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India-South Africa Test: Display of disdain on opening day

With 16 boundaries and two sixes, Mayank's confidence personified during his 195-ball stay at the crease

Sudipto Gupta Pune Published 10.10.19, 09:09 PM
Mayank Agarwal during the first day of the second Test against South Africa in Pune on Thursday.

Mayank Agarwal during the first day of the second Test against South Africa in Pune on Thursday. (PTI)

Thursday for India at the MCA Stadium turned out to be like a tricky job interview that ultimately went well.

They were put through some tough tests initially; but once past them, the rest of the road failed to trouble Virat Kohli’s merry men.


So when bad light stopped play a bit early than scheduled on the opening day of the second Test against South Africa, India were shinning bright having scored 273 for three in 85.1 overs.

Kohli walked back to the pavilion unconquered on 63, while Rahane followed him staying not out on 18. This was after Mayank Agarwal scripted another authoritative century and Cheteshwar Pujara contributed a well-made half-century.

For South Africa, it was an opportunity lost. They didn’t lose everything when Faf du Plessis lost the toss yet again because the pitch had enough encouragement for the Proteas pace battery. There was swing and bounce and the ball whizzed past the bat.

But then flying past the batsman’s bat never made a bowler’s day. The finishing “touch” is mandatory.

While South Africa were left to ponder on what could have been, the Indians ensured that they have a good night’s sleep before tackling the second day. Much credit for that would go to Mayank and Pujara.

Mayank, who had recorded a double hundred in the first Test, not only saw off a probing opening spell from the pacers, but also made sure that he translated his hard work into an innings of 108 runs.

Decorated with 16 boundaries and two sixes, the Karnataka batsman was confidence personified during his 195-ball stay at the crease.

Those two sixes came off successive balls from Keshav Maharaj taking Mayank from 87 to 99. That’s swagger of a man confident of his job. Nothing could push the man down, not even a nasty knock on the helmet given by debutant pacer Anrich Nortje.

Pujara, on the other hand, floated like a butterfly while dealing with Maharaj, the lone specialist spinner in the Proteas line-up. He used his feet to perfection as he went on to score 58 off 112 balls. Maharaj toiled hard for 29 overs, but had nothing to show.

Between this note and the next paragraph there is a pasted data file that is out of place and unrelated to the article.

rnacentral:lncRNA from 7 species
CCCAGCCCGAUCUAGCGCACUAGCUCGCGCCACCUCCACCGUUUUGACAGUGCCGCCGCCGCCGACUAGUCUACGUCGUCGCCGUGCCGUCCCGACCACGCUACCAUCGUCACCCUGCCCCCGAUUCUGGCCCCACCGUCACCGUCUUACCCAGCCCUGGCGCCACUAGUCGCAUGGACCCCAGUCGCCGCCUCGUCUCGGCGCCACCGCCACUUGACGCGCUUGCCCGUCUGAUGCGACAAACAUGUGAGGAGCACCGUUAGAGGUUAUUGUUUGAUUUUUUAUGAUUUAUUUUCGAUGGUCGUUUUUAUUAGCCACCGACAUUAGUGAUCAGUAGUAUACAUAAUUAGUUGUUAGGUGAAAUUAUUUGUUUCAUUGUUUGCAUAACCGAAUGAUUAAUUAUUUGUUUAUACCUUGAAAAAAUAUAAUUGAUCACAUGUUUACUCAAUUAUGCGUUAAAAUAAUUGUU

Once Pujara and Mayank were dismissed, the onus was on Kohli and Rahane to ensure that the advantage built was retained. They didn’t disappoint.

The second new ball is relatively new having been used for just five-odd overs. Du Plessis would hope that his pacers will do a better job on the second day morning.

The visitors didn’t do miserably on the Day I morning session, but they were not outstanding either. Barring Vernon Philander, the other two Proteas fast bowlers were not disciplined enough. Kagiso Rabada ended the day with all three wickets in his pocket.

It seemed Mayank and Rohit Sharma (14) were laying the foundation of another big opening stand when Rabada produced a gem of a delivery to foil that plan. Landing on middle stump, the ball moved just enough away to force Rohit to poke at it, the resulting outside edge landing in ’keeper Quinton de Kock’s gloves.

A similar delivery saw the end of Pujara, who fell to Rabada when he pushed at a ball on the off stump to offer an edge to Du Plessis in the slips.

Debutant Nortje, who came into the team in place of Dane Piedt, bowled fast but lacked direction. He was almost like a Rolls Royce in wrong hands.

In the post-lunch session, the storyline remained almost the same. Mayank and Pujara had settled like dust on the Pune pitch. And the South Africans continued to roll their arms in futility.

Mayank reached his fifty with a fine boundary through the point region off the bowling of Maharaj. But the shot that somewhat summed up the day, perhaps, came from Pujara’s bat.

Senuran Muthuswamy, bowling left-arm orthodox, gifted a half-tracker and Pujara had all the time to swivel on his backfoot to pull it over the midwicket boundary for six. Not many have seen such disdain from the bat of Pujara, who had just 13 sixes in 71 Tests before this match.

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